When I wrote about the looming arrival of Fox News in Canada in 2004, I got thousands (yes, thousands) of e-mails from Fox News devotees in the U.S. One of the first to arrive was this: "You are a [expletive] Please don't sleep on your side, because your tiny little brain will roll out your ear, you communist [expletive]"

It was bizarre, bracing and very, very funny. I so look forward to the Canadian version. And this may have escaped the brains behind the outfit, but there is one sure way to justify the existence of the CBC. That is, spend 24 hours a day doing what Fox News does - pundits playing journalists in an ongoing soap opera of left-versus-right. It would make CBC, CTV and Global look very, very good. Go for it. Bring it on. Brunettes need not apply, though, unless they're male, because this is showbiz, after all.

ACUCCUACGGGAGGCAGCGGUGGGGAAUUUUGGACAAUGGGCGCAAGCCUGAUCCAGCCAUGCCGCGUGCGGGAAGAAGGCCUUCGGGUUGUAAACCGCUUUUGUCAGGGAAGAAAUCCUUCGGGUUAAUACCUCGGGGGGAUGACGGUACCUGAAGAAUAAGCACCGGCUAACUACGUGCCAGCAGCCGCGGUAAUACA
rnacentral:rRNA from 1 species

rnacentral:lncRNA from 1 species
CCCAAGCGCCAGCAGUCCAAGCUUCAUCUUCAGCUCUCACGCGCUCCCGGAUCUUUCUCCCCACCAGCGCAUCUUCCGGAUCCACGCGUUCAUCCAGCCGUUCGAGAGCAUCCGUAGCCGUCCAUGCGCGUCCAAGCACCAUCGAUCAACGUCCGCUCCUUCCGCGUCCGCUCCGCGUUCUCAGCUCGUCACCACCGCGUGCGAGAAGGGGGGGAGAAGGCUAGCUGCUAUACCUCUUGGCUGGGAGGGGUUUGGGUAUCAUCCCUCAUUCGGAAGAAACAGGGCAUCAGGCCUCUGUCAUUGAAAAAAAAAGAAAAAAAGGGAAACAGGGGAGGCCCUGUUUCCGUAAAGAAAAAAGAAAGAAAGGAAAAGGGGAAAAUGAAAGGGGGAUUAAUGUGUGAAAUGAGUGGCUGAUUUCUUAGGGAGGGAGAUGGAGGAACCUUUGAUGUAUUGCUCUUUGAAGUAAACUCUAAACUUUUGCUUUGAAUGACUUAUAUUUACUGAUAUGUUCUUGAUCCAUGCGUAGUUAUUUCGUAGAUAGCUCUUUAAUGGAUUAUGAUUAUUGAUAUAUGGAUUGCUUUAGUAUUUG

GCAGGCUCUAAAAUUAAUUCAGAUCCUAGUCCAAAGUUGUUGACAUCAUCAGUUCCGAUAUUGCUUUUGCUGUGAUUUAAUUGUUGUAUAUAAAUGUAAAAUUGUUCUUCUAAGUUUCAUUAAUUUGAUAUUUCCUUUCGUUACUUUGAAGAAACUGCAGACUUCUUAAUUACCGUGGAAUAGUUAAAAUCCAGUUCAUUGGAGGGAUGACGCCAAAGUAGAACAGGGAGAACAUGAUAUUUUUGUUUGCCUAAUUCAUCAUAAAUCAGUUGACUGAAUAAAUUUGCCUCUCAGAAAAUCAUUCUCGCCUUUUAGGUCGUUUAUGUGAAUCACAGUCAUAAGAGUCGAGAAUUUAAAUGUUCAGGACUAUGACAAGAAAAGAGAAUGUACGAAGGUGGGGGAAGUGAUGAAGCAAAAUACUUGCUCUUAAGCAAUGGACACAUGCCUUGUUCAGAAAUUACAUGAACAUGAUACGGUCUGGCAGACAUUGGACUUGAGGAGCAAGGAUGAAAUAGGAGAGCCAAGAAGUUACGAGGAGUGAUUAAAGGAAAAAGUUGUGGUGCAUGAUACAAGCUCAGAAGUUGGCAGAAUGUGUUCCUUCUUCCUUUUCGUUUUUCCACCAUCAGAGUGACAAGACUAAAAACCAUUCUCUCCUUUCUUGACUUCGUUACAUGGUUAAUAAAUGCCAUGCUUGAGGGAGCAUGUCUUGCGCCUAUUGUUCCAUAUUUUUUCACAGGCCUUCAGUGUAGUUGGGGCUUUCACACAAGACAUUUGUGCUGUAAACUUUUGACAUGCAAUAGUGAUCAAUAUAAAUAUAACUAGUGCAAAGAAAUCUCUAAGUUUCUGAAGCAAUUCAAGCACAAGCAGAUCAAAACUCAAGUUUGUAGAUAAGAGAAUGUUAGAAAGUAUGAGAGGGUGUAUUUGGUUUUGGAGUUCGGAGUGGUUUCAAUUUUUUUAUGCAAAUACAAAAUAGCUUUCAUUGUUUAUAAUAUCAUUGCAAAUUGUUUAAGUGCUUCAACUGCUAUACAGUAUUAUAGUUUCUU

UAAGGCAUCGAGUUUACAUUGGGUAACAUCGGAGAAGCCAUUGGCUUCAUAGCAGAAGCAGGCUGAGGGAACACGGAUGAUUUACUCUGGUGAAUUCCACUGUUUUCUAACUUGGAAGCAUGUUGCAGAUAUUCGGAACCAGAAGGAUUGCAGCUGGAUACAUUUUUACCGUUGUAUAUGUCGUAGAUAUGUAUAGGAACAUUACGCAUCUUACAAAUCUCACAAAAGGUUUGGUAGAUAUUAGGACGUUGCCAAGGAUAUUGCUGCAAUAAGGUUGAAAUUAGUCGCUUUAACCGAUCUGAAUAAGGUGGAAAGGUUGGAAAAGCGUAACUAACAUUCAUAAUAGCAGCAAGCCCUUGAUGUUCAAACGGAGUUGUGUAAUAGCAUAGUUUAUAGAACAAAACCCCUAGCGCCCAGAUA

Airing tonight:

Hiccups (CTV, 8 p.m.) is new. Oh yes it is. And some people like it. And some people think it's a bit disappointing. I'm just mentioning both views because in Canada it's quite possible that somebody - anybody from a provincial government minister to a stand-up comedian - will blow a gasket if a firm opinion is expressed about Canadian TV. Dan for Mayor (CTV, 8:30 p.m.) is also new and part of an attractive Monday comedy package on CTV. Me, I prefer Dan, but that's just me, being whimsical and all.

Michael Jackson: What Happened (CBC NN, 10 p.m. on The Passionate Eye) is a repeat, but one of the more interesting takes on Jackson's decline and fall from his position as King of Pop. Filmmaker Jacques Peretti, who says he was once a fan, tries to figure out what drove Jackson to spectacular self-destruction. Peretti's documentary starts in Las Vegas, where a Jackson memorabilia auction is under way, but is being greeted with some disdain. Peretti then tracks down some people who knew Jackson well, and probes rumours about his childhood. He looks closely at the investigation into the allegations of child molestation against the pop star. Also interviewed is the reporter who first uncovered those child-abuse allegations.